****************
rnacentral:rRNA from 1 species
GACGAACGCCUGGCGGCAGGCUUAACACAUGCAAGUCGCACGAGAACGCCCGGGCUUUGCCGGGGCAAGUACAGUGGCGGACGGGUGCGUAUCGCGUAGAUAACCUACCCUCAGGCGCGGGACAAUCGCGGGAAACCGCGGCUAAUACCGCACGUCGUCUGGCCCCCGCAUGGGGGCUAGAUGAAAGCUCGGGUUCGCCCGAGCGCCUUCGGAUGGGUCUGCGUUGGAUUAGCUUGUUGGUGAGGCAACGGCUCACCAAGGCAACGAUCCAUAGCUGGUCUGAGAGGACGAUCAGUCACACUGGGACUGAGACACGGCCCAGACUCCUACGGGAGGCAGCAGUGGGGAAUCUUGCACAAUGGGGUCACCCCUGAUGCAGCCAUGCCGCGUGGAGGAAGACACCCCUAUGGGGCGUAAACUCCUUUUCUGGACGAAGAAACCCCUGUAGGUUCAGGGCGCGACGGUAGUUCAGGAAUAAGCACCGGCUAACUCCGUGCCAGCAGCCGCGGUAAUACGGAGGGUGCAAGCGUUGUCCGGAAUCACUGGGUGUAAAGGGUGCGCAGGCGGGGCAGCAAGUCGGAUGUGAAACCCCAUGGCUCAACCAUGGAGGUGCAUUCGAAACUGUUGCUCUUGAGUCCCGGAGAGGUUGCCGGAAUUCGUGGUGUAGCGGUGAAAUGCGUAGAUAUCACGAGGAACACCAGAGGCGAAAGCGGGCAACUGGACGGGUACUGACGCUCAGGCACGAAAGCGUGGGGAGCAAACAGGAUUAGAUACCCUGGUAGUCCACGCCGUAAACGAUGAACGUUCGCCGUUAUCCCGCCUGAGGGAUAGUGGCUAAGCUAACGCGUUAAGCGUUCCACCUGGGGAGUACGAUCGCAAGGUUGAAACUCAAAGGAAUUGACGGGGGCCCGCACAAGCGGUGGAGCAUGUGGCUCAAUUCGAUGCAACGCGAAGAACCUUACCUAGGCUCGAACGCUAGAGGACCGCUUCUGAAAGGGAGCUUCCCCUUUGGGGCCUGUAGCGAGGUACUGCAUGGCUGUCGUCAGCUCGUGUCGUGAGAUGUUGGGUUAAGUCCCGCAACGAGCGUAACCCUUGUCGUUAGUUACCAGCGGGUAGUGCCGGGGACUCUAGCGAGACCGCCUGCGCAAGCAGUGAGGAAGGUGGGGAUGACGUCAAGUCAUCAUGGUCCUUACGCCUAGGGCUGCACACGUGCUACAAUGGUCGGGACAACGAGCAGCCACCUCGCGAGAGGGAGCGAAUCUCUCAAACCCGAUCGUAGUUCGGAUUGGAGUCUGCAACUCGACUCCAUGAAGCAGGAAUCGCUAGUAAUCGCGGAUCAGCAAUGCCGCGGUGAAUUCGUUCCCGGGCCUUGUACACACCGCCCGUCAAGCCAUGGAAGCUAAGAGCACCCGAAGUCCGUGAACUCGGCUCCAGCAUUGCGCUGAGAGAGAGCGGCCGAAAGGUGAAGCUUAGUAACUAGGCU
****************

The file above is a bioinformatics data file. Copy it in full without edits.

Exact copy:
rnacentral:rRNA from 1 species
GACGAACGCCUGGCGGCAGGCUUAACACAUGCAAGUCGCACGAGAACGCCCGGGCUUUGCCGGGGCAAGUACAGUGGCGGACGGGUGCGUAUCGCGUAGAUAACCUACCCUCAGGCGCGGGACAAUCGCGGGAAACCGCGGCUAAUACCGCACGUCGUCUGGCCCCCGCAUGGGGGCUAGAUGAAAGCUCGGGUUCGCCCGAGCGCCUUCGGAUGGGUCUGCGUUGGAUUAGCUUGUUGGUGAGGCAACGGCUCACCAAGGCAACGAUCCAUAGCUGGUCUGAGAGGACGAUCAGUCACACUGGGACUGAGACACGGCCCAGACUCCUACGGGAGGCAGCAGUGGGGAAUCUUGCACAAUGGGGUCACCCCUGAUGCAGCCAUGCCGCGUGGAGGAAGACACCCCUAUGGGGCGUAAACUCCUUUUCUGGACGAAGAAACCCCUGUAGGUUCAGGGCGCGACGGUAGUUCAGGAAUAAGCACCGGCUAACUCCGUGCCAGCAGCCGCGGUAAUACGGAGGGUGCAAGCGUUGUCCGGAAUCACUGGGUGUAAAGGGUGCGCAGGCGGGGCAGCAAGUCGGAUGUGAAACCCCAUGGCUCAACCAUGGAGGUGCAUUCGAAACUGUUGCUCUUGAGUCCCGGAGAGGUUGCCGGAAUUCGUGGUGUAGCGGUGAAAUGCGUAGAUAUCACGAGGAACACCAGAGGCGAAAGCGGGCAACUGGACGGGUACUGACGCUCAGGCACGAAAGCGUGGGGAGCAAACAGGAUUAGAUACCCUGGUAGUCCACGCCGUAAACGAUGAACGUUCGCCGUUAUCCCGCCUGAGGGAUAGUGGCUAAGCUAACGCGUUAAGCGUUCCACCUGGGGAGUACGAUCGCAAGGUUGAAACUCAAAGGAAUUGACGGGGGCCCGCACAAGCGGUGGAGCAUGUGGCUCAAUUCGAUGCAACGCGAAGAACCUUACCUAGGCUCGAACGCUAGAGGACCGCUUCUGAAAGGGAGCUUCCCCUUUGGGGCCUGUAGCGAGGUACUGCAUGGCUGUCGUCAGCUCGUGUCGUGAGAUGUUGGGUUAAGUCCCGCAACGAGCGUAACCCUUGUCGUUAGUUACCAGCGGGUAGUGCCGGGGACUCUAGCGAGACCGCCUGCGCAAGCAGUGAGGAAGGUGGGGAUGACGUCAAGUCAUCAUGGUCCUUACGCCUAGGGCUGCACACGUGCUACAAUGGUCGGGACAACGAGCAGCCACCUCGCGAGAGGGAGCGAAUCUCUCAAACCCGAUCGUAGUUCGGAUUGGAGUCUGCAACUCGACUCCAUGAAGCAGGAAUCGCUAGUAAUCGCGGAUCAGCAAUGCCGCGGUGAAUUCGUUCCCGGGCCUUGUACACACCGCCCGUCAAGCCAUGGAAGCUAAGAGCACCCGAAGUCCGUGAACUCGGCUCCAGCAUUGCGCUGAGAGAGAGCGGCCGAAAGGUGAAGCUUAGUAACUAGGCU